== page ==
Monday, October 15, 2007

A Visit Down South of Titanic Proportions

Sarah and I ventured south to the English coastal region of Hampshire last weekend. This is the land of thatched roof cottages, the breed of hog that bears the area's name, and that mythical kingdom known as Camelot. We had gone there to meet up with some friends from Los Angeles who were spending a couple of days in London, before boarding a Eurostar train destined for Brussels.

We had the pleasure of playing tour guide to Maria and Chris as we drove them around the Salisbury Plain, showing them sites both picturesque and historic in nature. The ancient Druid rock formations of Stonehenge, the grand cathedral in the market town of Winchester, plus King Arthur's alleged roundtable (which is on permanent display in Winchester's Guild Hall), were but a few of the stops on our weekend itinerary that were dutifully captured with my camera.

My better-half and I also made a special journey of our own; one that I have been wanting to do for many years. After registerring into our B&B, the two of us drove to the bustling seaport town of Southampton, with our final destination being the Gate 4 entrance to Ocean Dock. On the tenth day of April, in the year of 1912, a very grand ship bearing the name of Titanic set sail on her maiden voyage from this very dock. A small monument has been erected here in memory of the officers, crew, and passengers who lost their lives five days later. South Western House, the hotel where many of the ship's First Class passengers spent the night prior to the following day's voyage, still stands proudly across the street from the pier; its many windows gazing out across the River Test toward the English Channel and the sea.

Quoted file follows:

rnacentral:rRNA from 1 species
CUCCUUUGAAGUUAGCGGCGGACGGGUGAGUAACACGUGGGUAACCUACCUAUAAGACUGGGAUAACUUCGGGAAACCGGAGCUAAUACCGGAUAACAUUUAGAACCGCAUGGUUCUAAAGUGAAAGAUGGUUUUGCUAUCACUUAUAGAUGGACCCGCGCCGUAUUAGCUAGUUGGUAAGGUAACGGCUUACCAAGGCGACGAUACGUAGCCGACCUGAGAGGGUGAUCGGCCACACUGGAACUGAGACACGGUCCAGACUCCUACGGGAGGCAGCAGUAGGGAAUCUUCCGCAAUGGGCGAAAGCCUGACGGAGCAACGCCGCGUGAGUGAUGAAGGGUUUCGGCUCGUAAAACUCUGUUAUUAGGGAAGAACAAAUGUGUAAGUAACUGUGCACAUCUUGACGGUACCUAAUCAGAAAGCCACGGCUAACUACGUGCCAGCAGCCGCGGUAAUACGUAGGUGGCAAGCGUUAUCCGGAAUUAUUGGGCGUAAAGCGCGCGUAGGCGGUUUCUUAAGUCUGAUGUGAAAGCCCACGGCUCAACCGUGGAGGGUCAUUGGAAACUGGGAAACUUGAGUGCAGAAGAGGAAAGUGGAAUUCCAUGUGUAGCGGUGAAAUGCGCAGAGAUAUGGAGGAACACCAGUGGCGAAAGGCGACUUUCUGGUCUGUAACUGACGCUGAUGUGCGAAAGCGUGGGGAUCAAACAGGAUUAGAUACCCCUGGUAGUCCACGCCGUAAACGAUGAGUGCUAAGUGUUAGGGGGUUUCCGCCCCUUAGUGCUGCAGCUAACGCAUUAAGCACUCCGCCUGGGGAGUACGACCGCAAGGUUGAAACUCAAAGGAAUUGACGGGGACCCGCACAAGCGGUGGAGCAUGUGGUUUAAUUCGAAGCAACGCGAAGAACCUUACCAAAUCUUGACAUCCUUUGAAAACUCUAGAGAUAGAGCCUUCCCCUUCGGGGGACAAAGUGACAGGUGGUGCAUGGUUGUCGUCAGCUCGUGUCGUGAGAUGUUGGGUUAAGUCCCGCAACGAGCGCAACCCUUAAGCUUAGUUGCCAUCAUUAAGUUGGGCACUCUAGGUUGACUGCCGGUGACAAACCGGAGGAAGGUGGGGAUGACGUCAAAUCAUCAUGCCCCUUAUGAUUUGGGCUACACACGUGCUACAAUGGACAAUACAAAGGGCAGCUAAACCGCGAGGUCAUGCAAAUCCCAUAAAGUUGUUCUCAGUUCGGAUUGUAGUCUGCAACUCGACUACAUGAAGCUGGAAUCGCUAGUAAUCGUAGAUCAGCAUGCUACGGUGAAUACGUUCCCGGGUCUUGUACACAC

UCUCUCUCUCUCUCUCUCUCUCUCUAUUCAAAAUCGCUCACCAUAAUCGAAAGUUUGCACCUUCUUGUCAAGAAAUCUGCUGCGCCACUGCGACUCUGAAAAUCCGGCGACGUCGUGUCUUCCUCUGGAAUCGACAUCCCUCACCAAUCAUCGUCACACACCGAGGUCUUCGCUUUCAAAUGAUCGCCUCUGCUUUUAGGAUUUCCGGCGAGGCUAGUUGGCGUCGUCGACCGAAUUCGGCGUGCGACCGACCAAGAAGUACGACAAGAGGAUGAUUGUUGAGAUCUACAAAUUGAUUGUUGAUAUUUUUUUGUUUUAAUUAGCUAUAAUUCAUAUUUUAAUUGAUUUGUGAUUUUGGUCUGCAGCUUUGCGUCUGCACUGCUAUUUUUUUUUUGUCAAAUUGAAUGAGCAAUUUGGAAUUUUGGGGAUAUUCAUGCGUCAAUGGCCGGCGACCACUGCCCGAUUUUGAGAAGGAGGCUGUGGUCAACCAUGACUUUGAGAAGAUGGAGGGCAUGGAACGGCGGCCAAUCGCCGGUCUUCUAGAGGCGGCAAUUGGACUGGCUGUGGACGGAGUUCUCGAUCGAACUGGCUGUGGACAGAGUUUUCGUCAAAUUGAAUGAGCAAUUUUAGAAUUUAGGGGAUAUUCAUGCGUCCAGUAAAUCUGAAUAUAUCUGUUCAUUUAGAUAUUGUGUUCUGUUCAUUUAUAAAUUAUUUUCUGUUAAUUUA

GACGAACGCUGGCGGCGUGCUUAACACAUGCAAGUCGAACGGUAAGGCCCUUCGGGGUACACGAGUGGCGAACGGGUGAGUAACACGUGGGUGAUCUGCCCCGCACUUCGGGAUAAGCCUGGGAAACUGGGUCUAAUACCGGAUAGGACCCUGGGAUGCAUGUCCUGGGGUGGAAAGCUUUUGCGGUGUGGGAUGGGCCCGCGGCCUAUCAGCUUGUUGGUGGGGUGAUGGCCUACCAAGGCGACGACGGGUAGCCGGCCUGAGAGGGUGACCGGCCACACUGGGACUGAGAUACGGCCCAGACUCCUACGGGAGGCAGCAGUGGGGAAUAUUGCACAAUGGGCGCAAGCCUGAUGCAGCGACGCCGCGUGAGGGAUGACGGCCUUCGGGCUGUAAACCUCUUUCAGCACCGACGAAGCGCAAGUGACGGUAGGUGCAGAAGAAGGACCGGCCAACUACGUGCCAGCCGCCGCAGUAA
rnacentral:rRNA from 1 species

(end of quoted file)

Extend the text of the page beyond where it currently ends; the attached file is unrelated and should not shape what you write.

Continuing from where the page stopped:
Chaucer wrote of pilgrims from this very land, journeying to the cathedral town of Canterbury. A pilgrimage of an entirely different sort was successfully accomplished by this photographer, and it was definitely worth the wait.

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